In order to accomplish a unified and consistent approach to managing projects, organisations will normally do one or a combination of the following;
- Spend a small fortune on formally training all of their project managers on a recognised methodology.
- Create their own, overly complicated, project management processes only to discover that trying to get everyone to adhere to a consistent approach to managing projects is like herding cats
If that sounds familiar, don’t worry, we assure you that you are definitely not alone!
Findings from a survey titled “Project Management: the State of the Industry” highlighted that “inconsistent approaches to managing projects” was the number one pain point experience by organisations running projects! It’s not just published research that states this, it’s also something that’s cited as one of the biggest drivers for change by our new clients.
Training people and surrounding them with disjointed templates for documentation and reporting doesn’t actually result in a long term consistent approach, why? Well as Michael Jackson once sang “that is human nature”, which refers to our individual distinguishing characteristics! This of course is what makes us all unique so of course human nature is, well can be great! But when it comes to managing projects, organisations want to ensure they are managed in a pragmatic, efficient and consistent manner which dramatically improves the chances of project success i.e. delivering on time, to scope & cost.
In order to achieve consistency we need to tick the following boxes:
- A standardised methodology
- Trained PM’s who well versed with the methodology
- Microsoft PPM
Of course there’re a bit more to it, but at a high level, the three points I’ve outlined above give us a framework to work with.
So in this, the first in a 4 part series of articles looking at how Microsoft PPM can help you overcome the biggest PM pains organisations face we are going to explore the features available to help your organisation achieve a consistent approach to managing projects.
Within Project Web App (the interface for Microsoft Project Online & Project Server) projects are typically started as Enterprise Project Type (EPTs):
An EPT is essentially a template you make available within Microsoft PPM for your project managers to use when creating new work or project requests. It’s a wrapper that binds together a template schedule for that particular type of project as well as phases, stages and Project Detail Pages (PDPs) through workflow which can be configured using SharePoint Designer.
The workflows, as well as guiding the project manager through the lifecycle of project, can also enable governance processes to be seamlessly integrated making items such as stage gate reviews more efficient so that submissions can be reviewed and approved or rejected L centrally, which then automatically progresses the project onto the next phase or stage.
When a project is under way, the PM has complete visibility of the project lifecycle through the project summary page where they are also informed of which items need to be submitted.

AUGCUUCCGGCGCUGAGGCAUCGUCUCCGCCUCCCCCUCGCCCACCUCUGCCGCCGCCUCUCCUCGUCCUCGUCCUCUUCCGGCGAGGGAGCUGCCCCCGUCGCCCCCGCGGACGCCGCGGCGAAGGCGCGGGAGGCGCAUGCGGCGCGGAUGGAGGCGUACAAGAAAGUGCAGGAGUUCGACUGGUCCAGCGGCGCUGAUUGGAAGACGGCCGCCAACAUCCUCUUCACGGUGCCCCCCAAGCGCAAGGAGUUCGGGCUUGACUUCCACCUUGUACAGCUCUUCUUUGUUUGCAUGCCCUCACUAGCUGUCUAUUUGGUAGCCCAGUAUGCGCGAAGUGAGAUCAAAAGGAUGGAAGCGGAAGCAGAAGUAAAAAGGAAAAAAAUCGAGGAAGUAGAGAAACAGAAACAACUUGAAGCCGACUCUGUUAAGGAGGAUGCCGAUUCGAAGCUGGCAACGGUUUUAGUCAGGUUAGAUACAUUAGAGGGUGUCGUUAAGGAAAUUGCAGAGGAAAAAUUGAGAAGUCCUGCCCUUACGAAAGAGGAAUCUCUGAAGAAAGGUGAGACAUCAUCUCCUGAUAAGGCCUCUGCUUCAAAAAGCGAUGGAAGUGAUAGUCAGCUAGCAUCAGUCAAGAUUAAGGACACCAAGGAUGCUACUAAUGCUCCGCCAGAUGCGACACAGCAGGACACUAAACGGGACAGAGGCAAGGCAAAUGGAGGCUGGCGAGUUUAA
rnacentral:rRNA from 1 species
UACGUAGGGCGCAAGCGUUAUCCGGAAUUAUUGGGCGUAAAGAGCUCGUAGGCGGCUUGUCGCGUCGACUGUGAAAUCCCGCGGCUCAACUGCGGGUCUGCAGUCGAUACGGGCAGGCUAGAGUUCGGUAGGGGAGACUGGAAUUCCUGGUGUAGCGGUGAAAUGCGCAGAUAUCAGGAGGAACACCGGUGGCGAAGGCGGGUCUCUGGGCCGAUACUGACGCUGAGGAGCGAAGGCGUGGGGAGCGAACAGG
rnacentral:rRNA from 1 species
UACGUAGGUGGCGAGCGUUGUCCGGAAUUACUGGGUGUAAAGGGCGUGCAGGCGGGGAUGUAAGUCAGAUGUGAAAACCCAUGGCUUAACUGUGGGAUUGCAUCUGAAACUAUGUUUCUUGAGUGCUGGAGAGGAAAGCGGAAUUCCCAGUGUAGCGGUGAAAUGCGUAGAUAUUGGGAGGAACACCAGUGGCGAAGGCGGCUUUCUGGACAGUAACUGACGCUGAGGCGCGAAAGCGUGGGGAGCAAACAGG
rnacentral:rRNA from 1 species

Below you see a graphical representation of a project lifecycle that shows we’re in phase 1 ‘Create’, stage 1.3 ‘Approval’, we also see that after ‘Approval’ there is a decision point, meaning an approver will review the information that is submitted before the project progresses on to the next phase. Note that you don’t have to enable manual approvals, if you trust your PM’s you could set up auto approval or even set up specific rules to determine whether or not something requires approval! On the same view you also see “Sections to be completed for the stage” which lists out the PDP’s that need to be completed.
Further down on the same page you also see a table which lists out in detail the required phases, stages and PDP’s for that particular project, along with the current state and other supplementary information.
To reiterate, EPTs are bespoke and the screenshots I’ve used are just an example of how they could be setup. We recently worked with a Police Force who had adopted a methodology based on PRINCE2 and their opening phase was “Project Startup”, within which they had a corresponding stage that included a PDP titled “Project Startup Checklist”, on the PDP the PM had to respond to questions such as “Has the project brief been produced” with a “Yes, No, or NA” answer, once the PDP was completed it would be submitted for approval to progress.
Improve your Project Management
In this brief article I’ve provided a brief outline of how Microsoft Project Online & Project Server can help you achieve consistency, a lack of which can be quite stressful and on that note… for a healthier lifestyle most would only recommend exercise and diet, we’d go a step further and include Microsoft PPM as one of your five a day. Don’t quote us on that, but it does most often result in less project related stress!
Next month I’ll be continuing with the series and next month the topic will be Resource Management, and how you can improve it using Microsoft PPM, obviously!